candlestick

1854-June 1855


The Collected Letters, Volume 29


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TC TO ARTHUR HELPS; 17 May 1855; DOI: 10.1215/lt-18550517-TC-AH-01; CL 29: 313-314


TC TO ARTHUR HELPS

Chelsea, 17 May, 1855—

Dear Helps,

It gives me real pleasure that you turn up again,—serene as ever, and “with the time of day in your pocket” (one may say, tho' in another sense than the Irish Mother, rejoicing over her son's new watch when he came home)!1 Many and many a time in this last grim year, one of the grimmest and loneliest I ever had, have I asked myself, “What has become of Helps? What has come over him?”—

Morgan left the little volume2 faithfully last night. To read it will be nothing but a pleasure to me, had you no business with it. I can never rightly see whither you are tending with this Book; but all the parts of it I read are luminous, naive and human: extremely comfortable reading to me, you may believe.

But am I to send the volume back? And if so, when?— The Post will be my handiest way; and I will time according as you order.— I find a “Peter Martyr” often quoted from, this morning. Have you explained anywhere that he is not the Oxford Protestant-Italian Peter Mr;3 but another of the same with a difference,—of whom farther details are scarce with me? I know not what you have made out of Charles V (who remains entirely invisible in Robertson4 and all English Histories hitherto); I know only, for absolutely certain, that he has the Austrian chin, a pair of lazy deep eyes,—and shews here and there a longheaded Flemish mercantile character to me, of much obstinacy and occasional arrogance and wrath; dead to the higher considerations, or pretty nearly so.— Good speed to you, good speed! Happy man that are within “two months” of the shore;5 not bound in dreary Polar seas, like some others of us; nothing on any azimuth but Icebergs and Walruses, the very stars for most part gone out!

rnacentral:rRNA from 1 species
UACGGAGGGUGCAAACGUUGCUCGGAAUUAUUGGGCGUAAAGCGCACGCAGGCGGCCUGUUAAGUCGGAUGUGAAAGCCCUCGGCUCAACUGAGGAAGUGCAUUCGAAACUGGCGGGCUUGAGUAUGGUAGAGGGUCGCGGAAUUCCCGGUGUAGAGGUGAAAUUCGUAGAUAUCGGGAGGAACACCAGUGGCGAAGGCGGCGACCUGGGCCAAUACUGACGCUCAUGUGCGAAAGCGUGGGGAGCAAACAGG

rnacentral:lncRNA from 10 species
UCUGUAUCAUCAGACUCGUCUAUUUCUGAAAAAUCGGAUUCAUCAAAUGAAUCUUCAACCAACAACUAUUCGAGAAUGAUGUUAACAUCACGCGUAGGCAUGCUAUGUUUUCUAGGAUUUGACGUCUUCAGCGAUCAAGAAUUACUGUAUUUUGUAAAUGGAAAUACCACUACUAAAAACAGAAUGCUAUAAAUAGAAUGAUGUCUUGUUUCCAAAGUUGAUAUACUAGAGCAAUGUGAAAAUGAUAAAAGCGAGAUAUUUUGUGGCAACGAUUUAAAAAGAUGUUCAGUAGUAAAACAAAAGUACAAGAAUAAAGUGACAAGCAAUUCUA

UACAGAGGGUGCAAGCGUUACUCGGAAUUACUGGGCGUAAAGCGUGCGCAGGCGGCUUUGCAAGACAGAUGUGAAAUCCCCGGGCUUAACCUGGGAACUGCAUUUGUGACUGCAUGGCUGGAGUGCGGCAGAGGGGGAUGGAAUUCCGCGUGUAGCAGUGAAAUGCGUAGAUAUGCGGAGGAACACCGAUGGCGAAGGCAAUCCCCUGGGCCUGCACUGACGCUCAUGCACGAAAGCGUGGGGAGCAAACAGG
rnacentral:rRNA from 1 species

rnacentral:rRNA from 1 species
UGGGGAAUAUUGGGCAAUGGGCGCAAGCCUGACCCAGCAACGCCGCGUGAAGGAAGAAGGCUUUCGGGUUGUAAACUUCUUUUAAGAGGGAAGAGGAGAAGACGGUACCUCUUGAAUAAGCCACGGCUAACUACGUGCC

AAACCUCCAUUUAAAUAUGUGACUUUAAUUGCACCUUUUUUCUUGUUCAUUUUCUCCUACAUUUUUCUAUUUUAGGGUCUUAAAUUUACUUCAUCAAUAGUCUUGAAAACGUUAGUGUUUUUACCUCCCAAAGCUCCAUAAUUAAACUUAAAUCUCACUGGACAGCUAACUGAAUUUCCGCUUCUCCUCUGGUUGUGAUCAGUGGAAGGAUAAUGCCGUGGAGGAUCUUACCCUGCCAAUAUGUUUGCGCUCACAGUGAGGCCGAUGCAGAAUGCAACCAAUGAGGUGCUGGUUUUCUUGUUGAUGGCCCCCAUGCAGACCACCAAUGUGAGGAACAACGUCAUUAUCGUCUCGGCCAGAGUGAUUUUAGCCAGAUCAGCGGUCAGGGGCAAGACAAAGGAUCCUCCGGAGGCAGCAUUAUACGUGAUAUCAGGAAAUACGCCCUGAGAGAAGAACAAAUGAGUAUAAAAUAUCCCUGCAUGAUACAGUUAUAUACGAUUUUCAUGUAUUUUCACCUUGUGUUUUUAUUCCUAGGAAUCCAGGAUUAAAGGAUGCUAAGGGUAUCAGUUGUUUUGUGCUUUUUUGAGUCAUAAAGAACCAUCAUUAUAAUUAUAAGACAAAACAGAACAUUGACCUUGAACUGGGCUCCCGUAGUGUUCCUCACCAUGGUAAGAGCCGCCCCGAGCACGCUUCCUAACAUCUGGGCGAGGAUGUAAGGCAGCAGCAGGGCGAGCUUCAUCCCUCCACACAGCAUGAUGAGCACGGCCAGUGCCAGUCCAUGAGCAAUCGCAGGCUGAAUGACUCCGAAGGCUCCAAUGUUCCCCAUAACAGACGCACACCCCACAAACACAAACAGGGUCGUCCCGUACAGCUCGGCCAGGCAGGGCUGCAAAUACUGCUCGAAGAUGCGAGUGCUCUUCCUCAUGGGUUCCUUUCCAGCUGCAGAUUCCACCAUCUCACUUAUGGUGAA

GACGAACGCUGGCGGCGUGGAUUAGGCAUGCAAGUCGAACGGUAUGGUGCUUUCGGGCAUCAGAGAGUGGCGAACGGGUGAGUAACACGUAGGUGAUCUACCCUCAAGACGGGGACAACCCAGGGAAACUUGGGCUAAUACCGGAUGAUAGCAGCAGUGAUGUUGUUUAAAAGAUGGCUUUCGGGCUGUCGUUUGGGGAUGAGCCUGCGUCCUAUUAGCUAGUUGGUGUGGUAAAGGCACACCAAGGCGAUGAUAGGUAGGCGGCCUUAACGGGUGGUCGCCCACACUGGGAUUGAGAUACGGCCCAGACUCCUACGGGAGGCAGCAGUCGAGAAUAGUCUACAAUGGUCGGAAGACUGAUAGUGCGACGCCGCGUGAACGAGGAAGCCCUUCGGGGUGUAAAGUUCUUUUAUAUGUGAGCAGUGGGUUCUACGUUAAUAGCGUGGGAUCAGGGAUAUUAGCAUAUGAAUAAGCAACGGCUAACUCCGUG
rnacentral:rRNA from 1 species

It would do me real good, I am certain, to get down for a whole week to the silence of Vernon Hill;6 and I will pray for it, while the leaves are all green, and the summer in its pride: pray;—but the gods are very deaf: alas!

Well we cannot help it; we must toil along, with the general “Balaklava” round us, the Supreme Charlatan on the top of it; and Roebuck's Committee7 publishing daily reports by way of remedy. God is great.

Yours ever truly (in haste)

T. Carlyle